Krishna's Grace on Draupadî
continued his wailing of protest. "Even ogres and barbarians respect
their women-folk. Among them, if one woman is thus insulted, they
avenge it as if the entire tribe is ill-treated. When such is the case,
the elders of the clan, the emperor, their preceptors, sages and
learned men, were all present there and watching in open assembly, this
atrocious act; did the intelligence of those high placed witnesses
suddenly disintegrate? Were their eyes suddenly blinded by some dire
disease? Did they feed on grass that their taste became so beastly? Did
they forget in their animality the honour of the race? And the elders!
Their sense of discrimination deserted them and they must have looked
pathetic caricatures of themselves."
Vyâsa interrupted this
tirade against those elders who sat quiet during those awful moments;
he said, "Son! Parîkchit! Do not jump to conclusions and
confusion. No one of the elders in that assembly was in favour of the
wicked behaviour of Duryodhana, Dussasana and others; they warned them
of the consequences of their iniquity; what could they do if those foul
men perpetrate sin? When Dussasana was dragging Draupadî by the
hair, right into the royal hall which was tilled with courtiers and
others, the agony of Vidura, Bhishma, and Drona was beyond control.
Words are inadequate instruments to describe it. Tears flowed in
streams down their cheeks. They could not lift their faces and cast
their eyes upon the abominable gang.
There was another reason,
too. Sparks flew from the angry eyes of Draupadî when she was so
tortured and, if they had fallen on any one in the Hall he would have
been reduced to ashes! Luckily, she was looking only at your eldest
grandfather, Dharmaraja; his fortitude and equanimity were imprinted on
her mind; so, the assembled men were saved from destruction. Or else,
Duryodhana, Dussasana and the rest of that foul brood would not have
survived at all.
The face of Dharmaraja, so
full of equanimity, had such transforming effect. Your grandfathers,
Bhima, Arjuna, Nakula, and Sahadeva were watching that face, while
their hearts were being torn by Draupadî's struggles; but as they
watched, their tempers cooled. Dharmaraja's unruffled face saved every
one from cataclysm that day; else, all would have been consumed in the
fire of her anger, making the battle of Kurukshethra superfluous.
Nothing can happen unless God
wills it so, isn't it? How can any one over-ride the Will of Lord
Krishna? She wailed that no one of her masters rose to save her, though
she called upon them and reminded them of their prowess and valour.
Just then, the thought of Krishna, the Saviour, flashed like lightning,
and filled her drooping heart with courage. "0 Shyamsunder!" she cried
out, "This is not an insult dealt to me. Nor is it an infamous injury
dealt to the Pandavas. It is an insult, an injury, dealt on you. You
are our all. We depend on you for everything. Is it then just that you
should now tolerate this cruel injury being perpetrated on our honour?
We have dedicated our hearts to you. Listen! I have dedicated myself to
you. Perhaps, you are not content with what we have so far offered at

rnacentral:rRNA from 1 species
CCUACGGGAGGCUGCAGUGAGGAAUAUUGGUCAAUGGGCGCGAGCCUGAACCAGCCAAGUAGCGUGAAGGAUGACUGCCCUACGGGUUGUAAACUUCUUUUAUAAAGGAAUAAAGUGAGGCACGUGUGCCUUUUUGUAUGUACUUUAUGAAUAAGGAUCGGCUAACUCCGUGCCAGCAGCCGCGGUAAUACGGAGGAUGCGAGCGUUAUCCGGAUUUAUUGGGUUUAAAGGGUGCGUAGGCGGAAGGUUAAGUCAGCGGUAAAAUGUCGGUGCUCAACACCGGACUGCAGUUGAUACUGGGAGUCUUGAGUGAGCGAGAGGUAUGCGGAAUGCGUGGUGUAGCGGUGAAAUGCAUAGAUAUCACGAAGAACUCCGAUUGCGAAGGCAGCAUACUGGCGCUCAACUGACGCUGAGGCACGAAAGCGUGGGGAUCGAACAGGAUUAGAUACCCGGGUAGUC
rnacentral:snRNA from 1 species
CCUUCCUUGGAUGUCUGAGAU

your feet. Let your will prevail." Thus, she surrendered, fully and
unreservedly, to the Lord.
At this, the Guardian of the
Forlorn, the Saviour of those who surrender, the Lord, took upon
Himself the burden of rescuing her from distress; He moved in silent
and unseen, and blessed her, unnoticed. And, wonder of wonders, the
sari which the human ogres were attempting to remove in order to
disgrace her was rendered endless; every one, including the tormentors,
were stunned at the demonstration of Krishna's Grace and Draupadî's devotion. (See also S.B. 1.8).
Good men and wise realised
that Sathya and Dharma can never come to harm. The tears of joy that
rolled from their eyes gave proof of the exaltation they experienced.
The wicked Dussasana fell down, exhausted and humiliated.
Draupadî did not suffer the least dishonour. All the dishonor
fell to the lot of the Kauravas, and the Pandavas were unaffected.
Can God permit the just and
moral Pandavas to suffer humiliation? The harm that the Kauravas
planned to inflict on the Pandavas recoiled on them only. This was the
direct consequence of the Grace that Lord Krishna showered on your
grandfathers and grandmother and of the devotion and faith they had
reposed on Lord Krishna.
Intending to declare to the
world the intense devotion of the Pandavas and its efficacy, and also
to hold them up as examples for the Kali Age that was to come, the Lord
contrived this thrilling drama; there is nothing more in this than that
purpose of the Lord. You may be subjected to calumny, insult and
dishonour; You may be plunged in poverty or pain; but, the person who
has surrendered to the Will of God will welcome each of these gladly
and bear it with equanimity. The Lord will never give up His children;
those devoted to God have to be patient and calm, under the most
poignant provocations. The fact is, the pious and the God-fearing are
those who are visited by travails and troubles: in order to teach
mankind these great truths, Krishna enacted this drama, with the
Pandavas as the cast. Every incident in their lives is but a scene in
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